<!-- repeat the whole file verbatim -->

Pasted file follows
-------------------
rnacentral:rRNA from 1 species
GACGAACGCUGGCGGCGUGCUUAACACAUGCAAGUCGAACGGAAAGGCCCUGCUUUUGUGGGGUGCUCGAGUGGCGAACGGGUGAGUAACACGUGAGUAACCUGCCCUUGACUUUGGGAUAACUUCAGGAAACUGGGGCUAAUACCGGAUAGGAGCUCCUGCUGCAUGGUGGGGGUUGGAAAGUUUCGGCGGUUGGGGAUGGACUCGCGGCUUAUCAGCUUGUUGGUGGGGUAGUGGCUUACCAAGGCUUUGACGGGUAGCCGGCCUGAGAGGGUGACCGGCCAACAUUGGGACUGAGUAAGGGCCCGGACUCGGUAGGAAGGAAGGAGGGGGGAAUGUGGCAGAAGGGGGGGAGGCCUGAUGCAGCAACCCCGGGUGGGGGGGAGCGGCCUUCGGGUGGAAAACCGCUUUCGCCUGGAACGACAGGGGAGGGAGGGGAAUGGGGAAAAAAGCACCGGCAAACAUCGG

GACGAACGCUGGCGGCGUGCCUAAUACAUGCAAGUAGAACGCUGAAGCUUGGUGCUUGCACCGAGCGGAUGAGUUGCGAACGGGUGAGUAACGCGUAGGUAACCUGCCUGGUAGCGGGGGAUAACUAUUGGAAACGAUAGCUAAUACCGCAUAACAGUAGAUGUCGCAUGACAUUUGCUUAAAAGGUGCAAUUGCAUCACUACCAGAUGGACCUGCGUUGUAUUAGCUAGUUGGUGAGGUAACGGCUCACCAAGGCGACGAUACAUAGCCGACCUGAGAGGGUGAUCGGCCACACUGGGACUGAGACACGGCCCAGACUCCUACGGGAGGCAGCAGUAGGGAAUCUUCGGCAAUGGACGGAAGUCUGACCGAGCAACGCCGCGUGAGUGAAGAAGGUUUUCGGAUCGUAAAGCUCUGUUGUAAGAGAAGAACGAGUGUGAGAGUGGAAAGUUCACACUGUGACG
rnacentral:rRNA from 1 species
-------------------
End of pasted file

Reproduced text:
rnacentral:rRNA from 1 species
GACGAACGCUGGCGGCGUGCUUAACACAUGCAAGUCGAACGGAAAGGCCCUGCUUUUGUGGGGUGCUCGAGUGGCGAACGGGUGAGUAACACGUGAGUAACCUGCCCUUGACUUUGGGAUAACUUCAGGAAACUGGGGCUAAUACCGGAUAGGAGCUCCUGCUGCAUGGUGGGGGUUGGAAAGUUUCGGCGGUUGGGGAUGGACUCGCGGCUUAUCAGCUUGUUGGUGGGGUAGUGGCUUACCAAGGCUUUGACGGGUAGCCGGCCUGAGAGGGUGACCGGCCAACAUUGGGACUGAGUAAGGGCCCGGACUCGGUAGGAAGGAAGGAGGGGGGAAUGUGGCAGAAGGGGGGGAGGCCUGAUGCAGCAACCCCGGGUGGGGGGGAGCGGCCUUCGGGUGGAAAACCGCUUUCGCCUGGAACGACAGGGGAGGGAGGGGAAUGGGGAAAAAAGCACCGGCAAACAUCGG

GACGAACGCUGGCGGCGUGCCUAAUACAUGCAAGUAGAACGCUGAAGCUUGGUGCUUGCACCGAGCGGAUGAGUUGCGAACGGGUGAGUAACGCGUAGGUAACCUGCCUGGUAGCGGGGGAUAACUAUUGGAAACGAUAGCUAAUACCGCAUAACAGUAGAUGUCGCAUGACAUUUGCUUAAAAGGUGCAAUUGCAUCACUACCAGAUGGACCUGCGUUGUAUUAGCUAGUUGGUGAGGUAACGGCUCACCAAGGCGACGAUACAUAGCCGACCUGAGAGGGUGAUCGGCCACACUGGGACUGAGACACGGCCCAGACUCCUACGGGAGGCAGCAGUAGGGAAUCUUCGGCAAUGGACGGAAGUCUGACCGAGCAACGCCGCGUGAGUGAAGAAGGUUUUCGGAUCGUAAAGCUCUGUUGUAAGAGAAGAACGAGUGUGAGAGUGGAAAGUUCACACUGUGACG
rnacentral:rRNA from 1 species